I love the idea of surveillance and 'interecepts' spoofing, jamming and such. All of these are already being done in (you guessed it) Second Life. Almost all also violate the Terms of Service. But in a more 'gamey' world, privacy laws might not apply.

Posted May 5, 2007 4:47:22 AM | link

Mikyo says:

I don't see much need for making smarter combat AI. Nor even more realistic behavior. What I would like to see is 'artificial characters' with more personality. Imagine NPCs with 'mood' and 'tone' that change depending on how you treat them.

Posted May 5, 2007 4:51:54 AM | link

Richard Bartle says:

DaveCheney>Is this playful curiosity, or are you suggesting that there are clear motives to *avoid* going "back to Second Life or World of Warcraft"?

The motive to avoid it is that we don't know that we might be missing something better. Thinking, unlike developing, is free.

Richard

Posted May 5, 2007 6:11:09 AM | link

Richard Bartle says:

mike>I think there's some wiggle room in iii)--just why does each player need to control a single piece?

They don't need to control just one piece, but they do need to feel that one of the pieces they control is "them" (ie. the player in the virtual world).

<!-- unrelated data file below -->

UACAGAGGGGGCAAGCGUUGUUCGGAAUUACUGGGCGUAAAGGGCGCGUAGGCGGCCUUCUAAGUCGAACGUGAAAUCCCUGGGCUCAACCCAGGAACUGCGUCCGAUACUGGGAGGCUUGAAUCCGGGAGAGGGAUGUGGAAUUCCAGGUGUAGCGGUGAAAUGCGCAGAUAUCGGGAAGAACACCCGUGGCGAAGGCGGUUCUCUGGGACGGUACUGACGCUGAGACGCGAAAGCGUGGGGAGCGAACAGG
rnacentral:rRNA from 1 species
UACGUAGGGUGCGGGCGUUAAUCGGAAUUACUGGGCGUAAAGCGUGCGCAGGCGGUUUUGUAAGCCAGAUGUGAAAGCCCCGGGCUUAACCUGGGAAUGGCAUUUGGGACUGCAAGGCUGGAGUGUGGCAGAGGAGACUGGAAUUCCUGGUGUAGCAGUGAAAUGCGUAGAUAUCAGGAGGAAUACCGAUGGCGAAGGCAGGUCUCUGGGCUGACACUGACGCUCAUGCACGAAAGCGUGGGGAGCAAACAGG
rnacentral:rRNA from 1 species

>it's hard to not wind up in the same place as WoW or SL; a lot of the things they do, they do for a reason.

In that case, what are those reasons, and are there other ways to address what they address?

Richard

Posted May 5, 2007 6:34:11 AM | link

virida says:

Some ideas ive had:

1. small and big characters. Like, in a disney mmo, you could make both small chipmunk, squirrel, bee or mouse characters, or big human sized ones. And both interacts (shrink rays, giant robots to crew, etc). same is possible wit Transformers, and humans and robots as playable in same world.

This is a assumption most make: you cannot make a game with so wastly different characters. It should BE possible.

2. Differing physics laws. A playfield of flying coins, cogweels, or something, and the ability to wanter on all surfaces, and face other players going on an other plane. Ability to jump and "swim" to an other gravity field. Or, say, areas of playfields who is 2D "flatland", and places with 4 dimentions who players can move in (up/down, side/side, forward/back, and two new directions, i call them inside/outside here).